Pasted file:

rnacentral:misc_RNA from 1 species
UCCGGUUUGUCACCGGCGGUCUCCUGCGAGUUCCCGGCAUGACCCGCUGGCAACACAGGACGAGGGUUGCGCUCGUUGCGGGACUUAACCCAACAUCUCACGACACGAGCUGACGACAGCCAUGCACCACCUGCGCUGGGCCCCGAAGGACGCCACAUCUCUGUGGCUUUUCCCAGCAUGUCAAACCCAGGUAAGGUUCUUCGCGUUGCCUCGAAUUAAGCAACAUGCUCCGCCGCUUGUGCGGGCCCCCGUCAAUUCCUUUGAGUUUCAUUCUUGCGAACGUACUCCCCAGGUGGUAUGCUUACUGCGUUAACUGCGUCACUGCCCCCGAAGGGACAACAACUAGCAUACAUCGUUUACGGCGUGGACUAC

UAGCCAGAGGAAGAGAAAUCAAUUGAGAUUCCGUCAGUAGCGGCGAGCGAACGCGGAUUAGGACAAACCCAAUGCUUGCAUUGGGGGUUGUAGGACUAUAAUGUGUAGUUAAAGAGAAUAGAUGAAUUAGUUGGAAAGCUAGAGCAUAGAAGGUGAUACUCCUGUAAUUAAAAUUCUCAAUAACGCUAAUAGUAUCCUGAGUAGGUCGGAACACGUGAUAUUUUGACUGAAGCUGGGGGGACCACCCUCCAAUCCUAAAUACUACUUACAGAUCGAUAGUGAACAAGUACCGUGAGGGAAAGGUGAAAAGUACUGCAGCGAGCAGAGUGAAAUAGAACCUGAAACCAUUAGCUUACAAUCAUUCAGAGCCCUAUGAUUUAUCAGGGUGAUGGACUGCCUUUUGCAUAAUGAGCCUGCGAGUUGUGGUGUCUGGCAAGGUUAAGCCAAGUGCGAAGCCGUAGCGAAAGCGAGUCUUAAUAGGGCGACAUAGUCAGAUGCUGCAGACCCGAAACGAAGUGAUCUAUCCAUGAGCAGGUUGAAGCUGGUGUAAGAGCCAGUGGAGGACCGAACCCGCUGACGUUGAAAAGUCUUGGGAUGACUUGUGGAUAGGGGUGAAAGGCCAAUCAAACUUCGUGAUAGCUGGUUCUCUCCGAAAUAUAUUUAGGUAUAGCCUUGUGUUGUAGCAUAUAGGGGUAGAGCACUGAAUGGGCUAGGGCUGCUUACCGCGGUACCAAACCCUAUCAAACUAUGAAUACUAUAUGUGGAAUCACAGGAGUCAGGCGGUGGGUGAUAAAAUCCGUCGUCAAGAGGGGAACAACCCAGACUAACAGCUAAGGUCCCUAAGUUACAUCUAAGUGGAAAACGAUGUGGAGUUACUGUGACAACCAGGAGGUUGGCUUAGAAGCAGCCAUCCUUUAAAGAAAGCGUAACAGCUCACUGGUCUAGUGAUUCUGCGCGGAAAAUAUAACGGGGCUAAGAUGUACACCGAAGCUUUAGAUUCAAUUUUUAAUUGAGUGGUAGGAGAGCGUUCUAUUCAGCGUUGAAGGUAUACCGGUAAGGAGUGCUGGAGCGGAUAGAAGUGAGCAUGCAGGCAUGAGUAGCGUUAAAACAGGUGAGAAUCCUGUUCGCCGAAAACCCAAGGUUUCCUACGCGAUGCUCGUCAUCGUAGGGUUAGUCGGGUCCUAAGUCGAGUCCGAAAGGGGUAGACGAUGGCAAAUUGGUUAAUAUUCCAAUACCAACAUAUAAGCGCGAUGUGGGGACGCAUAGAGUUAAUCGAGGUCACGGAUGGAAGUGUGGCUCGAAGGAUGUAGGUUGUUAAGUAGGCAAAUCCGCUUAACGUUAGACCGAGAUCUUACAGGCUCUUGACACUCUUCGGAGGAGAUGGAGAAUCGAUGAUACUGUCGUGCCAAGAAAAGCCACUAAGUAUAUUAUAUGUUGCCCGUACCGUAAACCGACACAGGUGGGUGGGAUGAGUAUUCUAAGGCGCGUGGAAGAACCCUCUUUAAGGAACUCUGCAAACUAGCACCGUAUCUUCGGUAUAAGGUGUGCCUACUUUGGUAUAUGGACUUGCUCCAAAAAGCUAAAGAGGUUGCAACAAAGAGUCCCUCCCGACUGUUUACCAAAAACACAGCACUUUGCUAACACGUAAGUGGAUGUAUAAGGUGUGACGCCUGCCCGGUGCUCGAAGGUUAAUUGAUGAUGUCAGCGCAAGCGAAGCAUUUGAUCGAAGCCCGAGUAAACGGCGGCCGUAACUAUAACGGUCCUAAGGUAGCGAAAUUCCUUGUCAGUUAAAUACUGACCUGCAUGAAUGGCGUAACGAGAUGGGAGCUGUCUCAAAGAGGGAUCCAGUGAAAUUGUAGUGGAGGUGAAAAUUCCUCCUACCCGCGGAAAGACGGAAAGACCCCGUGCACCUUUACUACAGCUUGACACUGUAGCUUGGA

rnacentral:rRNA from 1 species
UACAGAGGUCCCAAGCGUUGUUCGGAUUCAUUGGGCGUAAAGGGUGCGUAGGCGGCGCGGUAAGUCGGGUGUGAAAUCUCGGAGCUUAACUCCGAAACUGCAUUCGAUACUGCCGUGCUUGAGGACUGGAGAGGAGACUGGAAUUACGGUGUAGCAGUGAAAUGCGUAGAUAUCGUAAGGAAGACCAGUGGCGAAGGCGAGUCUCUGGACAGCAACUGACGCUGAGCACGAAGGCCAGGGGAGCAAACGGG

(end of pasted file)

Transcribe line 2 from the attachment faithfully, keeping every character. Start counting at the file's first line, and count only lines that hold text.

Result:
UCCGGUUUGUCACCGGCGGUCUCCUGCGAGUUCCCGGCAUGACCCGCUGGCAACACAGGACGAGGGUUGCGCUCGUUGCGGGACUUAACCCAACAUCUCACGACACGAGCUGACGACAGCCAUGCACCACCUGCGCUGGGCCCCGAAGGACGCCACAUCUCUGUGGCUUUUCCCAGCAUGUCAAACCCAGGUAAGGUUCUUCGCGUUGCCUCGAAUUAAGCAACAUGCUCCGCCGCUUGUGCGGGCCCCCGUCAAUUCCUUUGAGUUUCAUUCUUGCGAACGUACUCCCCAGGUGGUAUGCUUACUGCGUUAACUGCGUCACUGCCCCCGAAGGGACAACAACUAGCAUACAUCGUUUACGGCGUGGACUAC